I remembered Dave

I remembered Dave. Dave, or David, one of my acquaintances. Dave was tall. He played basketball. Fan of Twilight. He was in Team Edward same as me. And that’s all I knew about Dave. And I liked to know Dave that way. But one day, I checked my facebook page, and I saw his compact face squeezed in a small circle with two little puppies on the list of ‘friends you might know’. Davidson Chen? Thirty years old? I thought he just always forgot to shave in the morning. Father of two kids? Divorced? Whew.

That ‘Whew’ is something interesting to me. It describes my reaction , not to Dave himself, but to the description about Dave to be more exact. It said I was surprised to few lines of information and data. These numbers and words told me a story about Dave. And I whew-ed to it. And I wonder the relationship of me and these information displayed on such digital media. How I experience digital media or now to be more specific, these code-based translation of a real person and the ‘content’ of him through the aid of media technology via digitalization or computation.

If I want to figure out the whole process of production of that ‘whew’, instead of studying the respiratory system of my vocal cord (of course it is a way, biologically), I might want to see the mechanism underlying my stimuli of that whew which came from the information I read on the interface. How a digital media is designed and made able to become the medium on which meanings could be loaded. And more importantly, users’ acceptance of this mechanism. When we interact with the interface of digital media, in fact we as readers are asked to follow the pre-programmed procedure and share the non-objectively existing association with it. So as a user, I first have to accept the logic of digital media, share the arbitrariness of its semiotic system and then I could utilize it. And it is this acceptance that contributes to the following meaning-assigning tasks. It is the acceptance from me that I recognize Dave’s information is meaningful on facebook page. Digital media allow this conceptual transferring, from information of a real person to the interface on my mobile phone or laptop, trans-coding from a human layer into a computer or digital layer. And therefore we as audience or users could decode the data and react to it. The experience of using digital media is based on my acceptance and recognition to its identity and function. The interactivity of digital media is comprised of the coding of the programs and users’ decoding. We send a picture into this trans-coding process, hoping the picture come out with avoidance of being distorted or low-quality so that someone could read it clearly.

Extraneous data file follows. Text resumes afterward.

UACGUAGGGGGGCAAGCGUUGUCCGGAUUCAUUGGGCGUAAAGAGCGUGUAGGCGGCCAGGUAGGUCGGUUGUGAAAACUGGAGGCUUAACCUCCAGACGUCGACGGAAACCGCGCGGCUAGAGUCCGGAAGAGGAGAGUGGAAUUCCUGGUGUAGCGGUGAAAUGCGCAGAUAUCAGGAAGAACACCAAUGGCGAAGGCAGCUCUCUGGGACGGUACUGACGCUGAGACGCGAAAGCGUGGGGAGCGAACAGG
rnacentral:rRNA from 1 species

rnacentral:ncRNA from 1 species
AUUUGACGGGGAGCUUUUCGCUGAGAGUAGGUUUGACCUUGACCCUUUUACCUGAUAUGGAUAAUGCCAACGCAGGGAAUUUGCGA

Though sometimes information are lost. Just took Dave as an example again. I only knew Dave is ‘divorced’. Is the word choice on the scroll-down word list exact and specific enough to describe Dave’s marital status? Is the picture of Dave same as the face I saw him this morning? If there is information lost during the process of digitalizaiton, is my ‘whew’ to Dave still a legit ‘whew’? Though it might seem problematic due to the fact that the principle of using digital media is to accept its coding system and accept this incomplete interactivity, we live quite a okay life using digital media on a maybe 15-minutely basis. As we trans-code a image or photo which should carry a ‘continuous’ meaning into some discrete data in the form of digital media, the inevitable loss of information occurs. However, the convenience of automation is still prevailing to we this generation. Just like me, I seldom complain my experience of using digital media with a down mood mumbling to myself ‘ oh my lord my true self is lost by 0.02 % again’.

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1 Comment

  • Anna H.
    Posted September 18, 2019 at 11:14 am 0Likes

    Hi Quann,

    What an interesting read! By looking so closely at how profiles and human identity is constructed by following the tools of a program, its natural to consider what information is lost. That being said, I have never stopped to think about it very seriously. Indeed as you pointed out, to take a continuous version of yourself and compile it in a discrete source of information would have to affect your understanding of the self in some way. (I liked the bit at the end of losing 0.2% of yourself with every post.)

    I also really liked that you started with something personal and tied it to your topic in a very natural way. Because of that it was a pleasure to read.

    The were some places where the sentences felt a bit awkward or incomplete, and although I understood what you were getting at, some information or points might have been lost. Though that is just my personal view.

    Thank you again for this interesting work! I hope we will be able to discuss it more in class 🙂

    Anna

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